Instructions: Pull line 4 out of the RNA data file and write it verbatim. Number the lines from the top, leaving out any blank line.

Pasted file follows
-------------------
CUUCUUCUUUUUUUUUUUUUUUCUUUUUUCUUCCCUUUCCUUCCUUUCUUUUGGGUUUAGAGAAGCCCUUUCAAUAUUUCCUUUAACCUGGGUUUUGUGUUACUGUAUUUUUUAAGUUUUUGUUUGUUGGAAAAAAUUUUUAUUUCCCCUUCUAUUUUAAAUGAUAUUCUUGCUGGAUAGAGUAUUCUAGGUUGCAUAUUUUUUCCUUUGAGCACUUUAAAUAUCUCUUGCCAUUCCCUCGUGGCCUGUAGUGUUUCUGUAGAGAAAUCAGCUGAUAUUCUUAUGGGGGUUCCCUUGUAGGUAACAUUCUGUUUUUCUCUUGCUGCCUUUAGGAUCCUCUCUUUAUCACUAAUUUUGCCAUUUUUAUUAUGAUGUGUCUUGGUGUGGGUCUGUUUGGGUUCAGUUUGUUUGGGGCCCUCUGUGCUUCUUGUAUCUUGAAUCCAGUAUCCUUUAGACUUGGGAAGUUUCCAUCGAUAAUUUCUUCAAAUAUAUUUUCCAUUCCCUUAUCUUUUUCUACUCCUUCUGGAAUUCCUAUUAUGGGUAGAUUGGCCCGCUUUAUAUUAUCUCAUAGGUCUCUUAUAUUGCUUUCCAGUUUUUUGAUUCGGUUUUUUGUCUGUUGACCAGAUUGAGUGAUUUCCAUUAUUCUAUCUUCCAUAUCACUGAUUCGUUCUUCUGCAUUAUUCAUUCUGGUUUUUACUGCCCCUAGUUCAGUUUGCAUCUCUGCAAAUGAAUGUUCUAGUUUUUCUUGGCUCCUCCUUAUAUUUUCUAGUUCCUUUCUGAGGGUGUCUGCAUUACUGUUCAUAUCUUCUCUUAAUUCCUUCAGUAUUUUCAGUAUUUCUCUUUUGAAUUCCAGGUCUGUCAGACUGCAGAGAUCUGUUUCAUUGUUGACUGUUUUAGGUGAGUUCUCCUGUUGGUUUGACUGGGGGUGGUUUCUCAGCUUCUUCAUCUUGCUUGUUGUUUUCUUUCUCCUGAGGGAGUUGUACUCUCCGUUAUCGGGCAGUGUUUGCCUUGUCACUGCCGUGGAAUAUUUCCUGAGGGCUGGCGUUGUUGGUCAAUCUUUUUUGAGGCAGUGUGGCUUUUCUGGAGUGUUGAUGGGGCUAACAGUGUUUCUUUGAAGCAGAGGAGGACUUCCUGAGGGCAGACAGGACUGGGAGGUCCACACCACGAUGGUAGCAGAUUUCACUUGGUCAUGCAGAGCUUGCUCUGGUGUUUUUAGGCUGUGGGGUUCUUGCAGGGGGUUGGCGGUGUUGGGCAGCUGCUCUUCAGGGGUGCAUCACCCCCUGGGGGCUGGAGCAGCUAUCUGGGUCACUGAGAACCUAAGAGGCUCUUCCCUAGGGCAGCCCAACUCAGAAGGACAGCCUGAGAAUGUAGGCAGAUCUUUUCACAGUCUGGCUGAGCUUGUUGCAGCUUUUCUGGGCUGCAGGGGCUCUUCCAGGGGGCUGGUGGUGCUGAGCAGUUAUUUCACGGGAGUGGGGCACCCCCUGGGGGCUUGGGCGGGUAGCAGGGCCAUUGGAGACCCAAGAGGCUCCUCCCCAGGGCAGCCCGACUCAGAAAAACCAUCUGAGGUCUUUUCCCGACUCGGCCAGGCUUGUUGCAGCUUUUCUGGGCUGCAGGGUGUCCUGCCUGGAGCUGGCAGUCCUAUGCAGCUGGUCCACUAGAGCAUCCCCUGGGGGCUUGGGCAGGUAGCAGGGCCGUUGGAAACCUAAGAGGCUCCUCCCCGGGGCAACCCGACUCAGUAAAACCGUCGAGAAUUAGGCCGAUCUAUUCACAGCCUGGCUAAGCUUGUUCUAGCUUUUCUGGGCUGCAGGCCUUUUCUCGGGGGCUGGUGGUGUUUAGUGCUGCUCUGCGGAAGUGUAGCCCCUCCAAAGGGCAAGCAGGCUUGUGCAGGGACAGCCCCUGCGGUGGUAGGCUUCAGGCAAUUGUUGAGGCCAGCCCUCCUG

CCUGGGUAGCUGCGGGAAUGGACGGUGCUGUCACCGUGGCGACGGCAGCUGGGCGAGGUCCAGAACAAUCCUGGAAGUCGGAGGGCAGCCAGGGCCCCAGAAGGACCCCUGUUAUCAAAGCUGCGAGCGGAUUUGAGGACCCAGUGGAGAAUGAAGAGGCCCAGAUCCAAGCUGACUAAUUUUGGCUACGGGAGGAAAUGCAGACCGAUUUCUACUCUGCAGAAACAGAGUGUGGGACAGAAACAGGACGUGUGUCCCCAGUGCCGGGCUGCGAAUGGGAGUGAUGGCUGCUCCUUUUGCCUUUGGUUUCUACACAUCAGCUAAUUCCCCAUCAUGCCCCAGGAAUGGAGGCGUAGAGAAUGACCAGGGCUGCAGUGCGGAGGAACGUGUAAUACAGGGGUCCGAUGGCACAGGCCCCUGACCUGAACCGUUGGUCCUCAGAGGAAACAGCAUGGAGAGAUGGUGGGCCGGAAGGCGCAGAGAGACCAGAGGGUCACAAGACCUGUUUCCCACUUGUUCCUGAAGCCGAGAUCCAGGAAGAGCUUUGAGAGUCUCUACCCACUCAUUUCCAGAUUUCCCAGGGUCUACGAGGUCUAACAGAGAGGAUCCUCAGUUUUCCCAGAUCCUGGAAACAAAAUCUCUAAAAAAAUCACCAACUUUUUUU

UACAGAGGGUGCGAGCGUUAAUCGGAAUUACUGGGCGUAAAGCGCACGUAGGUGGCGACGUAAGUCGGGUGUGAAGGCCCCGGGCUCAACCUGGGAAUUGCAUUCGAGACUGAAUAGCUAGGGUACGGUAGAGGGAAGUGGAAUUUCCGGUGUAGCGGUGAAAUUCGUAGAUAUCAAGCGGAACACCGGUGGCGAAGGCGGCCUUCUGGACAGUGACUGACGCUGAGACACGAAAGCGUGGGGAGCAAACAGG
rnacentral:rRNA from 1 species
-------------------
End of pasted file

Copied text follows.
rnacentral:rRNA from 1 species